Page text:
The fifth paper was by Fr Mario Mendes, Mumbai on “Pastoral Methods used in the Interpretation of the Bible”, which was moderated by Fr. Peterswamy (NBCLC, Bangalore). He spoke basing on his pastoral experience of the urban setup of Mumbai. He asserted that while scientific methodology is important to study the Bible, we need always to keep in mind the ultimate purpose of the Bible is to prayerfully reflect on the Word of God. He brought to attention the need to balance scholarly research with grassroots level of interpretation, and in this ongoing task the Bible Scholars and Pastoral Agents need to develop a synergy for effectively developing and disseminating various methods of Praying and studying the Bible.
The sixth paper was on “Inter-Textual Reading of the Bible with the Sacred Scriptures of other Indian Belief Traditions” presented by Mr Shilanand Hemraj, Bangalore. In his dynamic presentation he demonstrated how the local culture plays a role in the interpretation of the Bible. He showed with examples how the Bible was already inter-textual and how it is similar with other scriptural texts of India. For example Dharma, truth and love are present in all religions and there should be collision of streams coming together and pave the way for mutual conversion with each other. This session was moderated by Fr Victor, sdb, Chennai.
The third day, 30th September, began with the Eucharist celebrated by Most Rev. Raja Rao, Member Bishop of the Commission.
The seventh session was presented by Fr Jerome Sylvester IMS, Varanasi, on “Interpretation of the Bible among Khristbhaktas” which was moderated by Fr. Roque D’Souza. Fr Jerome, after presenting the salient features of the Kristbhakta Movement which he says is the outcome of personal search of people for the alternative vision of life, went on to expose the Interpretation of the Bible among the Khristbhaktas. The sensibilities of Khristbhakta interpretation emerge from subaltern culture and their aesthetic background. Some of the examples he presented in this line are the Parable of the Prodigal Son, (on Father’s Love), and the Good Samaritan. He compared between traditional stories and people’s experience. He asserted that the Biblical Interpretations work together to create a new world view. It was a unique presentation with new openings for the Interpretation of the Bible in Indian.
Fr Samuel Kapani from Northeast of India presented the eighth paper on “Tribal Reading and Methods used for the Interpretation of the Bible” moderated by Rev. Fr. Lui of Pune. Fr Samuel began his presentation giving a brief sketch of his tribal background in which the momentum of tribal readership of the Bible picked up gradually and is maturing slowly but resolutely. Within the tribal context of northeast India, he brought out three level of interpreting the Bible which already exists – at the rudimentary level where the reader interprets the Bible in his or her own way; second level of interpretation is done by a tribal who knows well his own traditional myths at the background; in the third level, one who knows the traditions and is trained in biblical languages, interprets the Bible, discovering the context behind every expression of the Bible, is guided by his own customs and traditions and his / her Christian faith. However the tribal Hermeneutics in the interpretation of the Bible, encouraged at this stage of nascent stage of being nourished by Christian faith is gradually leading the tribal Christian to an adult stage. This would take them to the fourth level of tribal reading of the Bible that is versatility in both the Biblical and tribal cultures. He also exposed the evolution of the fifth level of the tribal reading of the Bible that took into consideration the Western, Asian and Indian biblical hermeneutics. With the example of the book of Genesis, he also noted that a true tribal hermeneutics will not be possible if some parts of the Bible is taken literally.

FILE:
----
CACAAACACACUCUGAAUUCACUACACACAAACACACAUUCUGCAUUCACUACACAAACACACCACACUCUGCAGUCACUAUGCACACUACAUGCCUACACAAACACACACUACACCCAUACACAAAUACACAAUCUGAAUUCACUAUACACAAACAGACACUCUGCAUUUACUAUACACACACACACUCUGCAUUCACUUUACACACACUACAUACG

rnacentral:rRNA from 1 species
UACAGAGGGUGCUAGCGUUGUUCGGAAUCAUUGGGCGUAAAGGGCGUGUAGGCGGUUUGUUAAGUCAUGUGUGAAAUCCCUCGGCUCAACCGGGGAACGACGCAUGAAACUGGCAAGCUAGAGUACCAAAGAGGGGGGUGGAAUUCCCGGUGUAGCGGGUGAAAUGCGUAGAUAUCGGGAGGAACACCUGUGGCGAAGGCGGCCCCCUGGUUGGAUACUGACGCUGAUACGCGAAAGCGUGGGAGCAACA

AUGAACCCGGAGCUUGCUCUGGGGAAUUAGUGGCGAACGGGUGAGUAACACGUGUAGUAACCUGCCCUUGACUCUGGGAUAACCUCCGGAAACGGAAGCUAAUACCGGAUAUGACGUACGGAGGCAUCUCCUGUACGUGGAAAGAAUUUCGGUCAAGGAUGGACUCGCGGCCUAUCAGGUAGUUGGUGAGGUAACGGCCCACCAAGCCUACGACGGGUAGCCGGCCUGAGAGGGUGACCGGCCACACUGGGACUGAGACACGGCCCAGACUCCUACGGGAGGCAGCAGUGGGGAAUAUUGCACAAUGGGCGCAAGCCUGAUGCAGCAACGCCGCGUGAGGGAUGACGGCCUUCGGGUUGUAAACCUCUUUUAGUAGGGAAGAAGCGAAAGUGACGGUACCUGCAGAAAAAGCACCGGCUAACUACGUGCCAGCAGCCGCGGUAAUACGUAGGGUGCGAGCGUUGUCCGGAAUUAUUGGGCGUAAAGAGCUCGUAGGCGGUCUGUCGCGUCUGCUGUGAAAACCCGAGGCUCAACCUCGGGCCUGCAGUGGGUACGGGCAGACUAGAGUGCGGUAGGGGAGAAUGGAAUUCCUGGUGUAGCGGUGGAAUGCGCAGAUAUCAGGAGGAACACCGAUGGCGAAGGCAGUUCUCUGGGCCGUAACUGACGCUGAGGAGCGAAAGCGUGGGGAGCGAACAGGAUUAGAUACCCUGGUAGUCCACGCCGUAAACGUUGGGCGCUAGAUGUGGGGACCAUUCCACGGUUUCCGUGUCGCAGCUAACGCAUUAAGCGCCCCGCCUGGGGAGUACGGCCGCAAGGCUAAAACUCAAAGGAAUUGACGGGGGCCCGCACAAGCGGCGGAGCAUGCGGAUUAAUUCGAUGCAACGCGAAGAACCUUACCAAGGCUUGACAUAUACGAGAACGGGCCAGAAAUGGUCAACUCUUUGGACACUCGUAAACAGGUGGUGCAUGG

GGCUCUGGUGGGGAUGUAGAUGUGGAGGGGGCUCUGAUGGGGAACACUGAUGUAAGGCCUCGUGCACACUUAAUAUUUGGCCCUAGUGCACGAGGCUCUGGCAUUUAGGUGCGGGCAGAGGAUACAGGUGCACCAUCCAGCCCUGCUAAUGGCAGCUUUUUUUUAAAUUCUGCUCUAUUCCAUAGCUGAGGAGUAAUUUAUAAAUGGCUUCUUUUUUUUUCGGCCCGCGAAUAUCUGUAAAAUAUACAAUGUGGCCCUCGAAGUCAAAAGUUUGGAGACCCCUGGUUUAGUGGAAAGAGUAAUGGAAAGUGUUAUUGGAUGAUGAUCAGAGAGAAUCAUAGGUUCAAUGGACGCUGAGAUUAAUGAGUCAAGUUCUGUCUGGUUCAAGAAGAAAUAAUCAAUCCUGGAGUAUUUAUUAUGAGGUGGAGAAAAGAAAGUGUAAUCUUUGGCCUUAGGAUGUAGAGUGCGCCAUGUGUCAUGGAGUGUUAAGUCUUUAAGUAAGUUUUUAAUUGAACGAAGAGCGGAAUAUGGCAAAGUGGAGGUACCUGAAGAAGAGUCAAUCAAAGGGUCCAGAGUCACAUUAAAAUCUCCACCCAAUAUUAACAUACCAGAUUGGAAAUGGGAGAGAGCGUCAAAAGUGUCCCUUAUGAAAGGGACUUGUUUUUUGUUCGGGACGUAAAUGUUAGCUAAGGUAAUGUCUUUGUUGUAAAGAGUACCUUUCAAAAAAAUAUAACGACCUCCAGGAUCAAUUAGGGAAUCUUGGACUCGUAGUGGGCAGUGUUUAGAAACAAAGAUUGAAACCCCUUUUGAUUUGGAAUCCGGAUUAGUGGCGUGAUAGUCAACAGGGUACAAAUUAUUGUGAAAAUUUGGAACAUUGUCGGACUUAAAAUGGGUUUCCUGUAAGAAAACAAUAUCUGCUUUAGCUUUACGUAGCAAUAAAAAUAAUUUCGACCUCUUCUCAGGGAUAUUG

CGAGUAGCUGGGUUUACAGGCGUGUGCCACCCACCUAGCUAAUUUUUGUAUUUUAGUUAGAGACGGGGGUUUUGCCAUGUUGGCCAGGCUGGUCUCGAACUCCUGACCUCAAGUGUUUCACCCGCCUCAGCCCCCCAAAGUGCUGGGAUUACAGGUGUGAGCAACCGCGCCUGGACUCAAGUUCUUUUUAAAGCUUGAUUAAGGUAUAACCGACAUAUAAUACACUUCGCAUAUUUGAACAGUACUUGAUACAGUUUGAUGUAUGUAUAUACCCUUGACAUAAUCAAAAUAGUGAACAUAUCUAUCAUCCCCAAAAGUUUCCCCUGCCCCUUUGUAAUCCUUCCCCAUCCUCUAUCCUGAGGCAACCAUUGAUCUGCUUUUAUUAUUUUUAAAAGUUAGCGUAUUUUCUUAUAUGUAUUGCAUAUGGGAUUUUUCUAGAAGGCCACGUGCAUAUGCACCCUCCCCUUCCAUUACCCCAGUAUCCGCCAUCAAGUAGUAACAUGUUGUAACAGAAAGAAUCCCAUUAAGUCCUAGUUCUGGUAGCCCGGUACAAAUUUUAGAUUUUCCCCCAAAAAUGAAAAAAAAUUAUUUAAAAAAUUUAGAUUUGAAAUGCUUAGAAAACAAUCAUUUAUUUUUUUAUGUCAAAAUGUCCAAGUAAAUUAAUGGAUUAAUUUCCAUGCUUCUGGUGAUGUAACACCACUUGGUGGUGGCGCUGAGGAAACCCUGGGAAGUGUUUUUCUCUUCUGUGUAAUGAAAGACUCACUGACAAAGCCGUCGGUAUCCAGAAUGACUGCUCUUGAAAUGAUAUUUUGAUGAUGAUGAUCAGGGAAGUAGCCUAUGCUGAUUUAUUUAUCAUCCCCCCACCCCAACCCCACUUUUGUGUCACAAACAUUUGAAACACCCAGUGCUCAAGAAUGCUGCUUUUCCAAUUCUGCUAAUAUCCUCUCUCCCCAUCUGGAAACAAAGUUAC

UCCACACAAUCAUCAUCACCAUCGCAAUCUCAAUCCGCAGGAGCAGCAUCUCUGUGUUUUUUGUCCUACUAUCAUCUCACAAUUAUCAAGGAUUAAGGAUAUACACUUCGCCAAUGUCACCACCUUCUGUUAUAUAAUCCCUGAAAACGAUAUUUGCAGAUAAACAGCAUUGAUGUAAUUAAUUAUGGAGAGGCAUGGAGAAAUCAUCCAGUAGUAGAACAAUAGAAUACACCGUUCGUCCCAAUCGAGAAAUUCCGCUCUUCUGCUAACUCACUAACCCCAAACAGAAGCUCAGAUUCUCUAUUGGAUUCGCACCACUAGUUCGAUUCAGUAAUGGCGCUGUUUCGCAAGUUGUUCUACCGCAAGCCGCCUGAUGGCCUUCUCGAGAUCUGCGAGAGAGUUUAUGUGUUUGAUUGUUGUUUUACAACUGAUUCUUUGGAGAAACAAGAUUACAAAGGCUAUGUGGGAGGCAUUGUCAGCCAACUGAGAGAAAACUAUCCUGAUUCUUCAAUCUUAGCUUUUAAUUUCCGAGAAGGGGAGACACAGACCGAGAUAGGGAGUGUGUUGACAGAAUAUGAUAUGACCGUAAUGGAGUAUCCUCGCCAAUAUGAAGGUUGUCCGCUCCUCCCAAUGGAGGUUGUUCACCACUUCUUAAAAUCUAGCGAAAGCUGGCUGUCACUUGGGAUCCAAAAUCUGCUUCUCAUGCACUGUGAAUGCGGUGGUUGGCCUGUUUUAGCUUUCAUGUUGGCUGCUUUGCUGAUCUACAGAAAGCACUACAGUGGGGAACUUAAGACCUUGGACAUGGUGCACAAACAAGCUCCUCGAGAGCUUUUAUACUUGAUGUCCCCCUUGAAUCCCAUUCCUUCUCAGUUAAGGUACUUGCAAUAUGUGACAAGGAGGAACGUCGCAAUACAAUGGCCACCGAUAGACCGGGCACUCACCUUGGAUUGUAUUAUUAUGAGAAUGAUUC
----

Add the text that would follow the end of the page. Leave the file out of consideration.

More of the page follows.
After the Tea break there was the Panel Discussion on “New Avenues and Future Orientations for the Interpretation of the Bible in India”. The discussion was moderated by Fr. A. John Baptist, CCBI Commission for the Bible. The three Panellists were Fr. Yesu Karunanidi, Sr. Virginia Rajakumari, Mr. Nigel Fernandes. Fr. Yesu Karunanidhi, presented his talk from the background of LGBT. The paper of Sr Virginia Rajakumari, SAB was presented by Fr Lawrence Calus. She in her short paper evaluated the present scenario in Biblical Interpretation and proposed some ways of improving it. Mr Nigel Fernandes presented his paper from a Laity and Publisher Perspective. He narrated about his experience in the field of Biblical Apostolate, his close association in preparation of two most recent Catholic Biblical translations (NLT and ESV-CE) and at present in the preparation of English Lectionary. There was some time for interaction with the panellists.
The concluding session was filled with the note of gratitude, feedbacks and suggestions for the future. Many appreciated the joint venture and networking of the four institutions.
There were some suggestions:
To make available the bibliographies of Indian Biblical Scholars for the future Biblical Mission.
To bridge the gap between the Biblical Scholarship and Biblical Pastoral Ministry.
To encourage active participation of more members (to present the papers) with inputs and not just silent participation alone.
Need to include different type of cultures and explore different type of interpretations and prepare leaflets to disseminate this knowledge.
The organisers were asked to send a write-up of this research seminar to the Pontifical Biblical Commission.
The Biblical Ministries done in India can be published as complimentary elements of this seminar.
To encourage the Laity to challenge the scholar and demand the right and needed interpretation of the Bible, like the South American experience.
To encourage various cultural interpretations.
Fr. Sagaya John at the end proposed the vote of thanks. Fr. Joy Philip thanked Fr. Sagaya John, the Director of NBCLC and its staff members for their hard work and the hospitality. Bishop Raja Rao said the final prayer and blessed the participants. The participants departed to their respective places after the lunch.